Skills to take your idea to the market

Intellectual property (IP) commercialization involves a range of activities and skills. The work often involves many people, but in smaller companies the same people will need to play several roles.

Understand your IP capabilities

Creators and inventors of IP provide critical information about the creation or invention. They provide critical insight into the stage of development of the technology, how it works, current limitations and potential improvements.

Creators and inventors may provide valuable insight into the state-of-the-art of a given technology, competitors, as well as potential commercial partners.

IP-specific considerations:

  • If more research and development are required, what IP will be created?
  • What IP do the competitors have?

Selecting the right partner and financial terms

Business and marketing skills are useful when taking a critical look at the commercial opportunity. This means making some assumptions to estimate the value of the IP.

IP-specific considerations:

  • What is the value of the IP?
  • When can sales begin vs. how long is the IP protected for?
  • Where is the target market vs. where is the IP protected?
  • If you are licensing, is there a risk that a business partner could develop their own IP and then terminate the license?

Understand legal implications

Legal skills are required to make sure that any contracts you enter into reflect your intentions. This means understanding and assessing the various risk factors and limitations expressed in contracts. This is especially important in licensing and franchising deals.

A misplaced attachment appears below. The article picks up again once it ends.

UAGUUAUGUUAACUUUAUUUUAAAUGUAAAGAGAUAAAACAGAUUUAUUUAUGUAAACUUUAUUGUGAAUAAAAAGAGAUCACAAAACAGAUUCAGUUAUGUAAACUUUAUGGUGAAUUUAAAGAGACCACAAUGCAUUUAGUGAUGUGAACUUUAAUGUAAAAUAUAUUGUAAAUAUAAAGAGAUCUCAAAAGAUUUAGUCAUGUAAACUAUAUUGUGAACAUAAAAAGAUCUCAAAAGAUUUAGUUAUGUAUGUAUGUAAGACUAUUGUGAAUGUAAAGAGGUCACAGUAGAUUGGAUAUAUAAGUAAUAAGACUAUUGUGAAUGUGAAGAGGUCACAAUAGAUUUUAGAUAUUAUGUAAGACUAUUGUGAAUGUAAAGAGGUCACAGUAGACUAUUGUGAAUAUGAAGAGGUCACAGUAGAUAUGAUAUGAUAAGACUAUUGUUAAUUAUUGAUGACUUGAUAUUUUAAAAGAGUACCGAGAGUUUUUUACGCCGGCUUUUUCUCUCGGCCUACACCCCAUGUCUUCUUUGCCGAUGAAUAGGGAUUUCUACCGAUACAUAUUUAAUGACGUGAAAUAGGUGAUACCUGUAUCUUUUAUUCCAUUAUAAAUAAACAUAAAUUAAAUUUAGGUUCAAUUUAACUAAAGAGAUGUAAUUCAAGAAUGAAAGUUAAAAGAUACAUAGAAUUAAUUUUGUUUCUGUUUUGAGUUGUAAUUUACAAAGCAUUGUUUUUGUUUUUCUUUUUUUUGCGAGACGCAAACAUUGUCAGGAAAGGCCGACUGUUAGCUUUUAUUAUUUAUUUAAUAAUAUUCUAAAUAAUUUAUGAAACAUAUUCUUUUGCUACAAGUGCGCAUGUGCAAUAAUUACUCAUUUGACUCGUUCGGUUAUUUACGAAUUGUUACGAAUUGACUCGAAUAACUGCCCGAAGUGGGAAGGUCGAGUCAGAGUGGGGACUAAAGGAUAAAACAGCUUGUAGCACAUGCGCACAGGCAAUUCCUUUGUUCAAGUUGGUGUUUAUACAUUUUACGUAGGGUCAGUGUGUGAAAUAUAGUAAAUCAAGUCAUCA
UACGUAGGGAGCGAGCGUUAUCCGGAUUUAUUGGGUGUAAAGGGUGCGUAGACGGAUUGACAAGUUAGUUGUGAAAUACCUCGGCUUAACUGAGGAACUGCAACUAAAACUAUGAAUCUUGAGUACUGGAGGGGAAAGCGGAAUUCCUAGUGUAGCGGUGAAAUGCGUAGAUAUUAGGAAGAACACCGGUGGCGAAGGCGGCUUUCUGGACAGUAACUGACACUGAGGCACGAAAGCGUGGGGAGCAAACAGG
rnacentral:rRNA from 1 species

IP-specific considerations:

  • Who will be responsible for maintaining, monitoring and enforcing IP rights?
  • Risk assessment: What happens with the IP rights if the other party is sold? Goes bankrupt? Defaults on payments?

IP protection

Since IP rights give the owner the right to exclude others from using those rights without the IP owner's permission, it is essential that you document the ownership of the IP.

  • What parts of the creation or invention are protected through trademarks, patents, copyright, industrial designs or as a trade secret?
  • Does the scope of IP rights cover the creation or idea, as it is used in the marketplace?
  • Are the IP rights registered or still being examined by the IP office?
  • What are the risks that applications for IP rights will be rejected and what effect will that have on the proposed arrangement? If you have formally registered your IP, what are the risks that someone can invalidate your registration or circumvent your IP rights?
  • How much will it cost to maintain the IP rights? Who should bear that cost?

As these issues are very complex, it is strongly recommended that you seek advice from an IP professional.